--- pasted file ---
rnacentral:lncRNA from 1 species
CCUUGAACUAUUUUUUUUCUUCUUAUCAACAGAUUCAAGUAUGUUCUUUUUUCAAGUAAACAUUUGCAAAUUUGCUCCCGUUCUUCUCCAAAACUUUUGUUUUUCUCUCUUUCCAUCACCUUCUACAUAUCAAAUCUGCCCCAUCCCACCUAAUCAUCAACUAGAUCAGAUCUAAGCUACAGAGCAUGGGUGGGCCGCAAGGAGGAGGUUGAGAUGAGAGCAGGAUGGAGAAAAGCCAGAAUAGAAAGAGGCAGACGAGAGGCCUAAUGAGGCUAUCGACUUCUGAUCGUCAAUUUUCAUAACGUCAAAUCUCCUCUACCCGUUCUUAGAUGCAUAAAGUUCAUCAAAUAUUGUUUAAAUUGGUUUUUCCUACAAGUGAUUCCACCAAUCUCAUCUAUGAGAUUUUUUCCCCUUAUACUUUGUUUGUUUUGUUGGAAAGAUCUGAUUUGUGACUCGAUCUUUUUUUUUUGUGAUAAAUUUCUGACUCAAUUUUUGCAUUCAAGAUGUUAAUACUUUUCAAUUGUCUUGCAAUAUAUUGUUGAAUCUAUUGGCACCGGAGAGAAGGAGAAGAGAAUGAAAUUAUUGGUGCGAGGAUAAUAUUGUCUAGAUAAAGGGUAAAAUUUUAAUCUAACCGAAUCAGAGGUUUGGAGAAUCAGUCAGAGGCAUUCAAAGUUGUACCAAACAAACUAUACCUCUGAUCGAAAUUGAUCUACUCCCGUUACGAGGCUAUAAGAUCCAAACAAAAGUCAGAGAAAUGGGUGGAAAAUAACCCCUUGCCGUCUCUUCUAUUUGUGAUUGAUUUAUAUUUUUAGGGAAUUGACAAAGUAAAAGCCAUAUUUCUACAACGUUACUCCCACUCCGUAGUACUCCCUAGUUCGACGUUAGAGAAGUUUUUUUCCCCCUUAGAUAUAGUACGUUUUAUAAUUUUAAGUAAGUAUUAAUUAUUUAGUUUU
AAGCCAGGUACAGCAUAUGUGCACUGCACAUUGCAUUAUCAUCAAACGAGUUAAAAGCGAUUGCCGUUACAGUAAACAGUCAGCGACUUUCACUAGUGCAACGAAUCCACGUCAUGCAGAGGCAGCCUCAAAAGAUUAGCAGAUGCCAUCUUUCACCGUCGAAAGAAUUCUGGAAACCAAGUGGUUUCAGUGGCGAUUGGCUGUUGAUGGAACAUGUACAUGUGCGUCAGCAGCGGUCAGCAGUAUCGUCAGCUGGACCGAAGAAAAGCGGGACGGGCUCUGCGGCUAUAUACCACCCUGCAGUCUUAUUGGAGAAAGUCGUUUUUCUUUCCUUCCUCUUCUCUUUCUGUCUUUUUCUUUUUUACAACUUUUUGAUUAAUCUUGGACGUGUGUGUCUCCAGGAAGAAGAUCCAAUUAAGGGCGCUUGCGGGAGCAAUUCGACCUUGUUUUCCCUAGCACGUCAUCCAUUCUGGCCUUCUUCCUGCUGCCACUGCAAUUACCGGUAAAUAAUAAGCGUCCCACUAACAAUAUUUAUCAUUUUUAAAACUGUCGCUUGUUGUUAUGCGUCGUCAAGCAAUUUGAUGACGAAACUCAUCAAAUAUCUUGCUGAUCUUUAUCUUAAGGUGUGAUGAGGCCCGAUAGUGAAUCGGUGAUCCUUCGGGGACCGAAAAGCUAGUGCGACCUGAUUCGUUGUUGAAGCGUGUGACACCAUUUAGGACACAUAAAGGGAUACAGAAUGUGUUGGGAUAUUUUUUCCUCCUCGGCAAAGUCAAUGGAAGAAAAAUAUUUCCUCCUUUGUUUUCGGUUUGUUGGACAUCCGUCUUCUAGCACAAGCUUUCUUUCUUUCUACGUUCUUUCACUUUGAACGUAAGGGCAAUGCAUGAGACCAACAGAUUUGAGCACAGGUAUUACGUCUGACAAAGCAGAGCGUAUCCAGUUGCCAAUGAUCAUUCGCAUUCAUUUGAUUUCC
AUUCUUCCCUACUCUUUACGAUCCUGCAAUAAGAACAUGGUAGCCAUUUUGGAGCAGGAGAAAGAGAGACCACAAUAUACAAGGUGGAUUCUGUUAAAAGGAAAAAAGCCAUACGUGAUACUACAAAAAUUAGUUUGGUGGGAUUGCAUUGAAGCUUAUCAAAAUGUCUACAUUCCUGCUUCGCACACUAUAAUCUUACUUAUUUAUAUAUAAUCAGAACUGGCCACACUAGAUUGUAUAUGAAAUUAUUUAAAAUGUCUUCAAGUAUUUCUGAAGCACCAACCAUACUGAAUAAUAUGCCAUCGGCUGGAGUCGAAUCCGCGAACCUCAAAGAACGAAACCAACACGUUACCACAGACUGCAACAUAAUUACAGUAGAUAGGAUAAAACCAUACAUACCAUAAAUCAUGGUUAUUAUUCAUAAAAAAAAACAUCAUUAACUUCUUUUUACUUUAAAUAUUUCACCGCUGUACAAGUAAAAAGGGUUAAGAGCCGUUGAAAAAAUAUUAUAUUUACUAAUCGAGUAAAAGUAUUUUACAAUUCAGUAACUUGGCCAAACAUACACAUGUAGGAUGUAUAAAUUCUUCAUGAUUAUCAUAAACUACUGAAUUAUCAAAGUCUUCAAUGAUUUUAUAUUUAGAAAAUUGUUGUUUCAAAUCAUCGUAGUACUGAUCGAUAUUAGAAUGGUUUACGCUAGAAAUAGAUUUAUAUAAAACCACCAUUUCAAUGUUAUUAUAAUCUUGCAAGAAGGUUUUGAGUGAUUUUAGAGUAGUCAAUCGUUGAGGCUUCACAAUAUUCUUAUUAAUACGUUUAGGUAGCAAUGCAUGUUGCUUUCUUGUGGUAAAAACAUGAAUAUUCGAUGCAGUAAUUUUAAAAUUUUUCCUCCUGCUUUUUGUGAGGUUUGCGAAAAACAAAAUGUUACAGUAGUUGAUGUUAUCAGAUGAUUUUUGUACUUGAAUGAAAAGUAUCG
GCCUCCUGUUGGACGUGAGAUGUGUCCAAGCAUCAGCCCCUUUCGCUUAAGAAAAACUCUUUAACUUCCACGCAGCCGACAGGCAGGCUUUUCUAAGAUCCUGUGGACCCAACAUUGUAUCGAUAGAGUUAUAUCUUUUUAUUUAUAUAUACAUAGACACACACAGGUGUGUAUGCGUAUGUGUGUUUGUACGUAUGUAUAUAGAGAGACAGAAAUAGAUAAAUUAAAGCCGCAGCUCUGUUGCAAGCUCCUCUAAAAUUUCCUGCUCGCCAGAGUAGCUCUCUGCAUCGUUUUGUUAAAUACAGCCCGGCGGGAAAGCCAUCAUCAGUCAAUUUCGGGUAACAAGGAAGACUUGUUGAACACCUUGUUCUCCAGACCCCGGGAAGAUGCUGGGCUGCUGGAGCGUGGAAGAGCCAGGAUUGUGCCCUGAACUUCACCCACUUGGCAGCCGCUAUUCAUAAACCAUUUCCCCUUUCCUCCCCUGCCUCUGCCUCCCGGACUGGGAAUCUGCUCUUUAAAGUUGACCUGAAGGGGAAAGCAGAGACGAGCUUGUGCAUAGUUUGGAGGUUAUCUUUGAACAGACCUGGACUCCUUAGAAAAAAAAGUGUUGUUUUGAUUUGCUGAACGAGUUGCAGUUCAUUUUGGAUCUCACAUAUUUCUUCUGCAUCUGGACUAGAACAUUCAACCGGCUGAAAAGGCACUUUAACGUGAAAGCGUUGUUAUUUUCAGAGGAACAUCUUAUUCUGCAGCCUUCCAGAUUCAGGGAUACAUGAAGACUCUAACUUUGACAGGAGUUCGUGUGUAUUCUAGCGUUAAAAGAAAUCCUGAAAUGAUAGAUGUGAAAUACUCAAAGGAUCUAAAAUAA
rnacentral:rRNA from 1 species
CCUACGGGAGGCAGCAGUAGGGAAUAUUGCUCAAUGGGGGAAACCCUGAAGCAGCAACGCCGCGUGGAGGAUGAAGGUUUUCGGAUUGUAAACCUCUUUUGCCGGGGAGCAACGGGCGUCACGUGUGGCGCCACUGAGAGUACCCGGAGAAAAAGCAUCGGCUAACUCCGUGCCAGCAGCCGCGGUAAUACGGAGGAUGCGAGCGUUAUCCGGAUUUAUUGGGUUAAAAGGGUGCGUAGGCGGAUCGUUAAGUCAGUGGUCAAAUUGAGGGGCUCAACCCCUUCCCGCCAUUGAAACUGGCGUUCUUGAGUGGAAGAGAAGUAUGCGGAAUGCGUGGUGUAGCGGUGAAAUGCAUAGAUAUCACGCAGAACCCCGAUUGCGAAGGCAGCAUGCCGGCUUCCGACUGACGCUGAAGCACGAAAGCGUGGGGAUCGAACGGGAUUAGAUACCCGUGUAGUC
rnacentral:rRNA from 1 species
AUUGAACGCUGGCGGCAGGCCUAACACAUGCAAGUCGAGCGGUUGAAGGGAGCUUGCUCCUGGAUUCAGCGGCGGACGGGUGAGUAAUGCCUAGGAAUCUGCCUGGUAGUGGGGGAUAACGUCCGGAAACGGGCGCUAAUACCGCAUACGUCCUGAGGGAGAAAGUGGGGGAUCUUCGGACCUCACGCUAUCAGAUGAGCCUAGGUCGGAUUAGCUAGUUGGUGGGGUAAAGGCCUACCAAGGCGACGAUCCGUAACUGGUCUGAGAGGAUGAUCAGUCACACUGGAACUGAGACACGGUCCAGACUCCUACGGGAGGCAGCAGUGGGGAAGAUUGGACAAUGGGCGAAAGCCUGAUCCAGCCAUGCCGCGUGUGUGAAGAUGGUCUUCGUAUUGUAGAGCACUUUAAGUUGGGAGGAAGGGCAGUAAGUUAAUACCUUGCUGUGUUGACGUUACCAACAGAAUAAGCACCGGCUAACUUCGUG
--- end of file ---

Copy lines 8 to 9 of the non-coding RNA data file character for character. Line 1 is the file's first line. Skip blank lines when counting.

rnacentral:rRNA from 1 species
AUUGAACGCUGGCGGCAGGCCUAACACAUGCAAGUCGAGCGGUUGAAGGGAGCUUGCUCCUGGAUUCAGCGGCGGACGGGUGAGUAAUGCCUAGGAAUCUGCCUGGUAGUGGGGGAUAACGUCCGGAAACGGGCGCUAAUACCGCAUACGUCCUGAGGGAGAAAGUGGGGGAUCUUCGGACCUCACGCUAUCAGAUGAGCCUAGGUCGGAUUAGCUAGUUGGUGGGGUAAAGGCCUACCAAGGCGACGAUCCGUAACUGGUCUGAGAGGAUGAUCAGUCACACUGGAACUGAGACACGGUCCAGACUCCUACGGGAGGCAGCAGUGGGGAAGAUUGGACAAUGGGCGAAAGCCUGAUCCAGCCAUGCCGCGUGUGUGAAGAUGGUCUUCGUAUUGUAGAGCACUUUAAGUUGGGAGGAAGGGCAGUAAGUUAAUACCUUGCUGUGUUGACGUUACCAACAGAAUAAGCACCGGCUAACUUCGUG